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Epidural Trends and the Epidural Chair

The SPH Medical EPD improves patient safety

Epidural Trends and the Epidural Chair

Current Epidural Trends in Hospitals and the Epidural Chair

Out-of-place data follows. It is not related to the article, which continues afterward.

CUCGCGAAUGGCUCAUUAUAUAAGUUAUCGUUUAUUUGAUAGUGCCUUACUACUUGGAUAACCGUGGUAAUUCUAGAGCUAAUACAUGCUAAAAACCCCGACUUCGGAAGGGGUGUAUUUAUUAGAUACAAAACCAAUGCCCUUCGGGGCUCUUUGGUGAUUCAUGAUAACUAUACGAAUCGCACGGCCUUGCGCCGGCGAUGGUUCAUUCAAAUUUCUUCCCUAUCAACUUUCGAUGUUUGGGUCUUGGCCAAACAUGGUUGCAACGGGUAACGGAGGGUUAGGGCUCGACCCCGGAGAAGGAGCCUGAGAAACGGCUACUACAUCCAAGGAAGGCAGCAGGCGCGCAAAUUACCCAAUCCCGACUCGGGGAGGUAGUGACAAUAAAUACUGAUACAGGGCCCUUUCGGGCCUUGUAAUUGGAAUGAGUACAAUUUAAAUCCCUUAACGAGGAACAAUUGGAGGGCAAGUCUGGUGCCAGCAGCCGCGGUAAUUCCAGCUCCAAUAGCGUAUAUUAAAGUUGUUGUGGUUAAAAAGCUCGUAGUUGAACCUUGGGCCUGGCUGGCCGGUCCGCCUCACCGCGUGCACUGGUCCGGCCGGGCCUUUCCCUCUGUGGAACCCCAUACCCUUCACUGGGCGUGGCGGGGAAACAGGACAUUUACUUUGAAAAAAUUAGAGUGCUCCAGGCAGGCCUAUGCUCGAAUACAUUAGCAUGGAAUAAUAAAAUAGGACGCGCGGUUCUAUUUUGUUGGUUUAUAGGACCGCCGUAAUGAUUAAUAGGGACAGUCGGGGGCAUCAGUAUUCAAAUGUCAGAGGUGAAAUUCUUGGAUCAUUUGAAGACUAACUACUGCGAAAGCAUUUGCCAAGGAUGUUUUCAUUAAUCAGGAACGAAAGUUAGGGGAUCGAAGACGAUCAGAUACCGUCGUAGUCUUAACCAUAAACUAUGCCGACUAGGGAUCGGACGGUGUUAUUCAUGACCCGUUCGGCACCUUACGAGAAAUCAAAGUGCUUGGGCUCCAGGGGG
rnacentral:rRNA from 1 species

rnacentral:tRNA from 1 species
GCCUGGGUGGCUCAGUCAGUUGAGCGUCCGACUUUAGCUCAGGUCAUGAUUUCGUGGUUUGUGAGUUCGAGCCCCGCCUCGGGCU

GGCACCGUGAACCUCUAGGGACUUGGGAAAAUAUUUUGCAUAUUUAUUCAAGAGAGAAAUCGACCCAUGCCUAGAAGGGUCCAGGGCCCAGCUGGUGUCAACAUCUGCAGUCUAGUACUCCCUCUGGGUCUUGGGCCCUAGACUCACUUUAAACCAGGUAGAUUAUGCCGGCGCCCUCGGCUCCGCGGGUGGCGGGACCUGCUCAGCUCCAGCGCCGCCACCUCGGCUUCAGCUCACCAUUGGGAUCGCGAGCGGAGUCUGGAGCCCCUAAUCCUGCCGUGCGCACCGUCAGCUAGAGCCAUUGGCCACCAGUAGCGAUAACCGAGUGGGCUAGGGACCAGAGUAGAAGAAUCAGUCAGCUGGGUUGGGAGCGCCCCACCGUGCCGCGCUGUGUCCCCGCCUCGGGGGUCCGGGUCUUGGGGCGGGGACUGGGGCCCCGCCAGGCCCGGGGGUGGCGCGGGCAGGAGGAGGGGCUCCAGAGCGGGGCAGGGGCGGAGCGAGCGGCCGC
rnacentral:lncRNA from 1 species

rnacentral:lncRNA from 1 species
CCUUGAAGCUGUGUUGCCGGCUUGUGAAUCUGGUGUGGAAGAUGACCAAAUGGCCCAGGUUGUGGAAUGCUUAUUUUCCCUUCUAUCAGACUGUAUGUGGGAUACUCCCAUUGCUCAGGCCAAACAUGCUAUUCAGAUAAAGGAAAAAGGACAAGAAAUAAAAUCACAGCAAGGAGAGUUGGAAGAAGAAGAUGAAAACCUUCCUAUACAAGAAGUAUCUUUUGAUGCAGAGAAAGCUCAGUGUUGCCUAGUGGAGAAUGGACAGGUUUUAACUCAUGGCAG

Now more than ever in Labor and Delivery departments and in General Surgery areas the trend is to utilize the Epidural Chair to improve patient comfort and safety.  Equally important is the opportunity to improve safety for nursing and Anesthesia staff.  It is well known that the experience of childbirth is extremely painful for the mother. Modern medicine has advanced to provide mothers with epidural anesthesia for pain during labor. Epidural pain relief can make the child birthing experience less traumatic and exhausting for the mom. Epidural anesthesia depends on the technical abilities of the anesthetist. This requires assessing the risks that are present for the patient, positioning the patient for safe administration, and gathering the necessary staff to help with positioning. An often overlooked factor in patient outcomes in regard to pain relief is the ergonomics that nurses must respect during patient positioning to prevent themselves from developing musculoskeletal injury from repetitive patient positioning over their career. We will discuss these points in this article.